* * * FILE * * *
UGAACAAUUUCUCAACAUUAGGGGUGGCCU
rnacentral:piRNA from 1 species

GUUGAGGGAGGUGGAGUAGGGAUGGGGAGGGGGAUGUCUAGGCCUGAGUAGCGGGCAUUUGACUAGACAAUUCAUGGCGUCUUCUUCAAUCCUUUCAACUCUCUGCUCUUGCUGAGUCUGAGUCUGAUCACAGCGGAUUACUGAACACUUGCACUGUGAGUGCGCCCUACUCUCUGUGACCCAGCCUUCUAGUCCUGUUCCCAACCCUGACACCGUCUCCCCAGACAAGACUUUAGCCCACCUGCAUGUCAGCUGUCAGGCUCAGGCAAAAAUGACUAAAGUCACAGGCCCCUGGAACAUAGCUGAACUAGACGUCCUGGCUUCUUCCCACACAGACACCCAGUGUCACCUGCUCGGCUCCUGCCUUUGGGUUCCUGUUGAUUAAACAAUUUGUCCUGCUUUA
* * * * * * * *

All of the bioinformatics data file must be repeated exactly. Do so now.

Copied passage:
UGAACAAUUUCUCAACAUUAGGGGUGGCCU
rnacentral:piRNA from 1 species

GUUGAGGGAGGUGGAGUAGGGAUGGGGAGGGGGAUGUCUAGGCCUGAGUAGCGGGCAUUUGACUAGACAAUUCAUGGCGUCUUCUUCAAUCCUUUCAACUCUCUGCUCUUGCUGAGUCUGAGUCUGAUCACAGCGGAUUACUGAACACUUGCACUGUGAGUGCGCCCUACUCUCUGUGACCCAGCCUUCUAGUCCUGUUCCCAACCCUGACACCGUCUCCCCAGACAAGACUUUAGCCCACCUGCAUGUCAGCUGUCAGGCUCAGGCAAAAAUGACUAAAGUCACAGGCCCCUGGAACAUAGCUGAACUAGACGUCCUGGCUUCUUCCCACACAGACACCCAGUGUCACCUGCUCGGCUCCUGCCUUUGGGUUCCUGUUGAUUAAACAAUUUGUCCUGCUUUA